If your dog’s tongue is shaped like a shovel, wide at the tip, he is at his limit of his ability to shed heat. Cool your dog by wetting his fur all the way to the skin before exercising in warm weather.

If the water doesn’t reach his skin, it won’t cool him. Wetting the surface of the fur won’t help your dog, the water must evaporate off his skin for the cooling effect of water to work. And be sure your dog has access to plenty of water to drink, he needs to replenish the fluids he loses while panting.

Be Safe: Say No to Chocolate!

We’ve all heard that chocolate is bad for dogs, but almost everyone has seen their dog eat some, or heard about a dog that ate some chocolate without having a problem.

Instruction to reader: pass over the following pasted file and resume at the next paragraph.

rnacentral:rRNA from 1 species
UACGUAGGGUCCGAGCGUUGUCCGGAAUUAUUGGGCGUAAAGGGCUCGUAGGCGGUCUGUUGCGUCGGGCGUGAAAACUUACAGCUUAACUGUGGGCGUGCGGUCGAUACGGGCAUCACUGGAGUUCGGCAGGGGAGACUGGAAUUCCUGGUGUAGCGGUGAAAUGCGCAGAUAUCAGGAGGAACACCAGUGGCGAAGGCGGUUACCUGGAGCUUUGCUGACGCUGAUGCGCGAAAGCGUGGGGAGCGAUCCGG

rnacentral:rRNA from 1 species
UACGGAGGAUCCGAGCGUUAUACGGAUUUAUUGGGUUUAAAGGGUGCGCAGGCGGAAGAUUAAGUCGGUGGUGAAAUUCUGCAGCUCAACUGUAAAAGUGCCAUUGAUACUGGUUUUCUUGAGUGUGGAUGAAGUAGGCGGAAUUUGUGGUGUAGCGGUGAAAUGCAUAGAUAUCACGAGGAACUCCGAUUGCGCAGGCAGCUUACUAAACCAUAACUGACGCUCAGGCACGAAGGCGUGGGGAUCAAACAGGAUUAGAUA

So what is the truth about dogs and chocolate? Is it bad or isn’t it?
Why do we hear chocolate is so bad when our dogs don’t get sick after eating it?

As with most confusing situations, you must consider more than one factor to understand how likely your dog may be to experience problems with chocolate.
1. How much chocolate did your dog eat?
2. What kind of chocolate did your dog eat?
3. Is your dog more sensitive than most to the dangerous chemicals in chocolate?

1. If a large dog eats a bon bon or a couple of M&M’s there is less chance of danger because the dosage of theobromine is a smaller percentage of their body weight. If a large dog, say a 100 lb Labrador, eats a 1 lb chocolate bar, it’s consumed only 1% of its body weight, that’s not nearly as dangerous as a 5 lb Yorkie eating a 1 lb chocolate bar at 20% of its body weight. Amount matters! Theobromine is a stimulant like caffeine. An overdose occurs much the same way, the bigger you are, the more you can usually tolerate.